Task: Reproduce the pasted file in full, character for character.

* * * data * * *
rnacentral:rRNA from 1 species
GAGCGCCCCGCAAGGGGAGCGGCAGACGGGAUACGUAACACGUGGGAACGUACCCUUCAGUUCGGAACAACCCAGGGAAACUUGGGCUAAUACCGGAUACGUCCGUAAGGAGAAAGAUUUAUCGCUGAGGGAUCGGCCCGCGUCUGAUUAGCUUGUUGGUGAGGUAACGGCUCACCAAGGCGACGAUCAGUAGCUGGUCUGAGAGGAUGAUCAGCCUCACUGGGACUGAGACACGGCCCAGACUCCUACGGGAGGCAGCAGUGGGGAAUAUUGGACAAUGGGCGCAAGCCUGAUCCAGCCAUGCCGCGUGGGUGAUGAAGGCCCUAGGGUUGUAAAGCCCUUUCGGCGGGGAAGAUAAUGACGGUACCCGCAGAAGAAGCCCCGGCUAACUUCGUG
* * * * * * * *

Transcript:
rnacentral:rRNA from 1 species
GAGCGCCCCGCAAGGGGAGCGGCAGACGGGAUACGUAACACGUGGGAACGUACCCUUCAGUUCGGAACAACCCAGGGAAACUUGGGCUAAUACCGGAUACGUCCGUAAGGAGAAAGAUUUAUCGCUGAGGGAUCGGCCCGCGUCUGAUUAGCUUGUUGGUGAGGUAACGGCUCACCAAGGCGACGAUCAGUAGCUGGUCUGAGAGGAUGAUCAGCCUCACUGGGACUGAGACACGGCCCAGACUCCUACGGGAGGCAGCAGUGGGGAAUAUUGGACAAUGGGCGCAAGCCUGAUCCAGCCAUGCCGCGUGGGUGAUGAAGGCCCUAGGGUUGUAAAGCCCUUUCGGCGGGGAAGAUAAUGACGGUACCCGCAGAAGAAGCCCCGGCUAACUUCGUG